Recently, apheresis blood collection techniques have been adopted in many large scale blood collection centers wherein a selected component of blood is collected and the balance of the blood is returned to the donor during collection. In apheresis, blood is removed from a donor and immediately separated into its components by on-line blood processing methods. Typically, on-line blood processing is provided by density centrifugation, filtration, or diffusion-based separation techniques. One or more of the separated blood components are collected and stored in sterile containers, while the remaining blood components are directly re-circulated to the donor. An advantage of this method is that it allows more frequent donation from an individual donor because only a selected blood component is collected and purified. For example, a donor undergoing plateletpheresis, whereby platelets are collected and the non-platelet blood components are returned to the donor, may donate blood as often as once every fourteen days.
Apheresis blood processing also plays an important role in a large number of therapeutic procedures. In these methods, blood is withdrawn from a patient undergoing therapy, separated, and a selected fraction is collected while the remainder is returned to the patient. For example, a patient may undergo leukapheresis prior to radiation therapy, whereby the white blood cell component of his blood is separated, collected and stored to avoid exposure to radiation.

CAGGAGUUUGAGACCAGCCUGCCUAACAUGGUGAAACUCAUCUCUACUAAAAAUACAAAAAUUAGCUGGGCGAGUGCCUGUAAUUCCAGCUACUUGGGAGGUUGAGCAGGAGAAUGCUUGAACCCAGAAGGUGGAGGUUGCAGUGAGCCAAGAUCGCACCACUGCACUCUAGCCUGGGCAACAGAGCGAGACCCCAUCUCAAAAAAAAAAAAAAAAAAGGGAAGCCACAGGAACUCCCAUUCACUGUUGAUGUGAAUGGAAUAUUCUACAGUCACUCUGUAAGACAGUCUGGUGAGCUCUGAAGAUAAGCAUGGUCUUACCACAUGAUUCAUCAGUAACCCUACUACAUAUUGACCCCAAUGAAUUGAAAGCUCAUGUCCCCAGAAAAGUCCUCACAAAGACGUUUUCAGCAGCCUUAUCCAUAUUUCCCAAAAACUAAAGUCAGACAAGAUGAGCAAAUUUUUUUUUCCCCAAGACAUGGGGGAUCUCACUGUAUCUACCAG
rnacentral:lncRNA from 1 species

Both conventional blood collection and apheresis systems typically employ differential centrifugation methods for separating blood into its various blood components. In differential centrifugation, blood is circulated through a sterile separation chamber which is rotated at high rotational speeds about a central rotation axis. Rotation of the separation chamber creates a centrifugal force directed along rotating axes of separation oriented perpendicular to the central rotation axis of the centrifuge. The centrifugal force generated upon rotation separates particles suspended in the blood sample into discrete fractions having different densities. Specifically, a blood sample separates into discrete phases corresponding to a higher density fraction comprising red blood cells and a lower density fraction comprising plasma. In addition, an intermediate density fraction comprising platelets and leukocytes forms an interface layer between the red blood cells and the plasma. Descriptions of blood centrifugation devices are provided in U.S. Pat. No. 5,653,887 and U.S. Pat. No. 7,033,512.